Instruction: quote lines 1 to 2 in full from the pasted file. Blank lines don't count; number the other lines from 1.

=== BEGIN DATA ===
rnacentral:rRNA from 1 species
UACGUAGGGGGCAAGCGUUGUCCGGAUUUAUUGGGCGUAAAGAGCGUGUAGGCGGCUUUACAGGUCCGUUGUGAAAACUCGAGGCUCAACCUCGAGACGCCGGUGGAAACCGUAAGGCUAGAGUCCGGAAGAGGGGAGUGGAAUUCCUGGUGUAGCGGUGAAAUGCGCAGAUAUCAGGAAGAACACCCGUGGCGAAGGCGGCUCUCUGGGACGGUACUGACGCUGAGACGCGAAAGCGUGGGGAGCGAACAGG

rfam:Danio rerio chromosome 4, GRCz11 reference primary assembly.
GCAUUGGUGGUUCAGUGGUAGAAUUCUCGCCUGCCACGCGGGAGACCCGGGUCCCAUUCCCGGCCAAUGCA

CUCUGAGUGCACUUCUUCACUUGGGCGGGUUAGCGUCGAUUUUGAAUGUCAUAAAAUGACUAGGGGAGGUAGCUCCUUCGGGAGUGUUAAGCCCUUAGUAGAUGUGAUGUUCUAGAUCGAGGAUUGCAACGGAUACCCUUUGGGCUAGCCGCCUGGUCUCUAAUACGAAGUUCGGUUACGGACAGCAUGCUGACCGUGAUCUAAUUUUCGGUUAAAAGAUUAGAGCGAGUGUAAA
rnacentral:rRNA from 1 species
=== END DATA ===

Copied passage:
rnacentral:rRNA from 1 species
UACGUAGGGGGCAAGCGUUGUCCGGAUUUAUUGGGCGUAAAGAGCGUGUAGGCGGCUUUACAGGUCCGUUGUGAAAACUCGAGGCUCAACCUCGAGACGCCGGUGGAAACCGUAAGGCUAGAGUCCGGAAGAGGGGAGUGGAAUUCCUGGUGUAGCGGUGAAAUGCGCAGAUAUCAGGAAGAACACCCGUGGCGAAGGCGGCUCUCUGGGACGGUACUGACGCUGAGACGCGAAAGCGUGGGGAGCGAACAGG